Maximizing returns on investing in barrier culvert removal in Washington state


PRINCIPAL INVESTIGATOR: Sunny Jardine (University of Washington)

CO-INVESTIGATORS: Daniel Holland (NOAA Northwest Fishery Science Center), Mark Scheuerell (University of Washington), Robert Fonner (NOAA Northwest Fisheries Science Center), Braeden Van Deynze (University of Washington)


Washington state has hundreds of culverts at stream crossings that fish must migrate through. However, many culverts contribute to declines in fish populations by blocking migration passage, limiting access to critical spawning and rearing habitat. A federal injunction requires that Washington state restore 90 percent of blocked habitat with state-owned culverts by 2030. Unfortunately, state-owned culverts only account for a fraction in the system with other ownerships from cities, counties, Tribes, and landowners and many jurisdictions are under-staffed, making it critical to prioritize barriers that will gain the most benefit from restoration.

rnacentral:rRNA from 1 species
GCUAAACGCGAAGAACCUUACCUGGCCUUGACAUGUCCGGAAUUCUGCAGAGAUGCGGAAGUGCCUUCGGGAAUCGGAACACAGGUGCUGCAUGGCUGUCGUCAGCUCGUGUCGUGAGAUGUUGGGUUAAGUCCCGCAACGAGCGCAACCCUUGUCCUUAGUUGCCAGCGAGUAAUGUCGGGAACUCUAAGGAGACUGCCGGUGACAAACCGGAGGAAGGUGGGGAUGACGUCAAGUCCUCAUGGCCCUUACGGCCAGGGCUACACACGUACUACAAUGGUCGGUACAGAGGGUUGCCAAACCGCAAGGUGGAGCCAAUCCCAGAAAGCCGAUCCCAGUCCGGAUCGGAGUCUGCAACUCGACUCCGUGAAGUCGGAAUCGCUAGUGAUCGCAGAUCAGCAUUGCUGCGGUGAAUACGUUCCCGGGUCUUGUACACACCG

The Washington Sea Grant-funded research team is creating an online tool with state-wide information identifying where to find the greatest culvert restoration needs. The Beta website allows users to create customized figures and tables summarizing culverts in Western Washington, and subsets of these culverts based on ownership and location. This tool will enable planners and jurisdictions to identify and prioritize state-wide barrier culvert restoration for quality habitat restoration within given budget constraints.